The latest surge in COVID-19 cases in the United States has been called a pandemic of antivaxxers and conspiracy theorists. But it is more than that.
Children under 12, for example, are ineligible for vaccination, yet surprisingly susceptible to the Delta variant. Many immunocompromised adults also cannot be vaccinated, or remain highly vulnerable to infection even when fully vaccinated. And breakthrough cases among even the fully vaccinated have increased sharply with the spread of Delta.
These developments have spawned calls for vaccine passports—proof of vaccination for group gatherings in enclosed spaces. Many have denounced any such requirement as a violation of their rights, without specifying exactly what those rights are or explaining why society should enforce them.
Vaccine passports don’t raise novel or complex issues.
People want to do what they want to do, which helps explain the popularity of slogans about individual rights and freedoms. But rights are costly to define and enforce, and having more liberty along some dimensions often means having less along others. It therefore behooves us to think carefully about which freedoms we value most highly and which rights are most worth defending. These choices are better guided by careful assessment of the relevant costs and benefits than by simple slogans about freedom.
Does requiring vaccine passports violate any individual rights that a well-functioning society would choose to defend? I will consider this question within a framework that is deeply hostile to regulation and therefore biased against the requirement—the framework outlined by the 19th-century British philosopher and political economist John Stuart Mill. Mill is rightly celebrated as one of history’s most eloquent champions of individual liberty. Among the very substantial proportion of the current U.S. population that remains open to rational deliberation, even the staunchest opponents of government regulation will be prepared to accept the legitimacy of any restriction that passes muster within Mill’s framework. My claim is that vaccine passports clearly meet that test.
In one of the most widely quoted passages from his 1859 treatise, On Liberty, Mill wrote,
…the sole end for which mankind are warranted, individually or collectively, in interfering with the liberty of action of any of their number, is self-protection. That the only purpose for which power can be rightfully exercised over any member of a civilized community, against his will, is to prevent harm to others. His own good, either physical or moral, is not sufficient warrant.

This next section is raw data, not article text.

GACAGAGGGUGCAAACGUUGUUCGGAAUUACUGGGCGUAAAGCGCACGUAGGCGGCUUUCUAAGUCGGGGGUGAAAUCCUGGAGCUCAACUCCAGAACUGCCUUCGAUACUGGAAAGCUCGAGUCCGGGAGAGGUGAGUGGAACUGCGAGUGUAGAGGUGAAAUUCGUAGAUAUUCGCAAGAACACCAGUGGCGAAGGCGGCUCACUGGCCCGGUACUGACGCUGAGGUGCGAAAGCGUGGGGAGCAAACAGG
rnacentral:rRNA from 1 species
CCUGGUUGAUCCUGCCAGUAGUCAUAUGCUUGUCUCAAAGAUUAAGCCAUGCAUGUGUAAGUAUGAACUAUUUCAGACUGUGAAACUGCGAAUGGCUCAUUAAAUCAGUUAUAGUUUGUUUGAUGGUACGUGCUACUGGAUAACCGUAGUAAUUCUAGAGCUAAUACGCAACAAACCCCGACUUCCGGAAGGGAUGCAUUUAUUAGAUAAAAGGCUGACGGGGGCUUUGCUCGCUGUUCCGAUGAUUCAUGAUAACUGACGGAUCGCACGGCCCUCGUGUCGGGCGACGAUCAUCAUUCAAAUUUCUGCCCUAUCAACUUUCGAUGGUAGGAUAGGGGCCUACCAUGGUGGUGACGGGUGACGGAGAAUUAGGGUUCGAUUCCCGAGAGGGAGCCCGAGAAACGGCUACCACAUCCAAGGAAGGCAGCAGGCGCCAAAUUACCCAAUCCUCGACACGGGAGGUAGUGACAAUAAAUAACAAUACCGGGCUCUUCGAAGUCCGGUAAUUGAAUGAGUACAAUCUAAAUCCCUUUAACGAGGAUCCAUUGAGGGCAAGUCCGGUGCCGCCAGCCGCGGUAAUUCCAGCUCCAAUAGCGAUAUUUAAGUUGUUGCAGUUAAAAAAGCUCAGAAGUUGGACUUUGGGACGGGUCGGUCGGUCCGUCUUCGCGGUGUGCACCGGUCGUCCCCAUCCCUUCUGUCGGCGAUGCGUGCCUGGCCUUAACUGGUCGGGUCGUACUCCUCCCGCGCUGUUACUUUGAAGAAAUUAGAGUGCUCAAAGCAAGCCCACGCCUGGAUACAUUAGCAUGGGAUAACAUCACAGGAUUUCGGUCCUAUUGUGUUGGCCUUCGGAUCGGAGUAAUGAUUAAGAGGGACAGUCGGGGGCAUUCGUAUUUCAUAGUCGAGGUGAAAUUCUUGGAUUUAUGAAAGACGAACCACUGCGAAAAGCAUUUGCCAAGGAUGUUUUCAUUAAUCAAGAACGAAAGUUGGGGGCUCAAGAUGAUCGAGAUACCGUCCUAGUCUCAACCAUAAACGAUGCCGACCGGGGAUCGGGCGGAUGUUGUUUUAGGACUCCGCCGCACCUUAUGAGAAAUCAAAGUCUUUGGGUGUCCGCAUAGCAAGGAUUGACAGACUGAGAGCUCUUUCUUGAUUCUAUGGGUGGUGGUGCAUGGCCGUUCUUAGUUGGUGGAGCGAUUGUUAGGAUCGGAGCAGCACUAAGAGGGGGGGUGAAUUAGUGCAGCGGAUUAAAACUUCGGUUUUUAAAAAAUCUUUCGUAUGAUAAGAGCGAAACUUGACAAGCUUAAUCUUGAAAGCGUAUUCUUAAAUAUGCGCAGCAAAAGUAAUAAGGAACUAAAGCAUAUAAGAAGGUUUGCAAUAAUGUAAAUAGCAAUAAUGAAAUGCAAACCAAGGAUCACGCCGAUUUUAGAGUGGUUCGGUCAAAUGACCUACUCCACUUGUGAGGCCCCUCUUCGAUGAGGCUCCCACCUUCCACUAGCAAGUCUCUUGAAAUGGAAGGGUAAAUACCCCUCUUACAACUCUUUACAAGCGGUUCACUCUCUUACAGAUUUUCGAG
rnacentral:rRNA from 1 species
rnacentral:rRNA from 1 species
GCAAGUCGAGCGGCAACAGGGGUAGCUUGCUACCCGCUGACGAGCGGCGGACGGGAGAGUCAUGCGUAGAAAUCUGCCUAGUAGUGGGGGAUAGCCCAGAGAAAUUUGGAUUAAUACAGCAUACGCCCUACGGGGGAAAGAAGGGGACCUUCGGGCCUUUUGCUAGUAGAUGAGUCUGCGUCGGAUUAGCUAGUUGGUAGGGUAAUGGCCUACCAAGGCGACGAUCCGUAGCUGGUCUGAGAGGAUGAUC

He cannot rightfully be compelled to do or forbear because it will be better for him to do so, because it will make him happier, because, in the opinion of others, to do so would be wise, or even right… The only part of the conduct of anyone, for which he is amenable to society, is that which concerns others. In the part which merely concerns himself, his independence is, of right, absolute. Over himself, over his own body and mind, the individual is sovereign.
Mill’s advocacy of his harm principle sprang from his respect for individual autonomy, from his belief that although we might often err, we ourselves are far better than others to chart the course of our own lives. But if Mill been writing as a 21st-century behavioral scientist, he might have embraced a less narrow interpretation of his harm principle. For as is now well documented, we are broadly aware that our own choices sometimes serve us poorly. Shortsightedness, for example, leads many to accept enormous future costs in return for trivial current benefits, choices that we later regret. The 60-year-old who is dying from a radiation-induced cancer may wish that it hadn’t been legal for his 20-year-old self to have accepted employment as a cleanup worker at a radiation spill. An appreciation of the strength and ubiquity of this present bias might have persuaded Mill that the 60-year-old self was in fact harmed by his very different 20-year-old self’s choice.
Fortunately, the question of whether Mill’s harm principle should apply to vaccine passports doesn’t require a judgment about whether such indirect paternalism is ever permissible. A passport requirement would clearly prevent contemporaneous harm to other people, not just later versions of ourselves. It would substantially reduce the frequency of COVID-19 transmission. It would protect others against serious illness, hospitalization, and death. It would prevent the health care system from being overwhelmed. It would accelerate the rate at which normal activity could resume. That vaccine passports would prevent enormous direct harm to others is simply beyond question.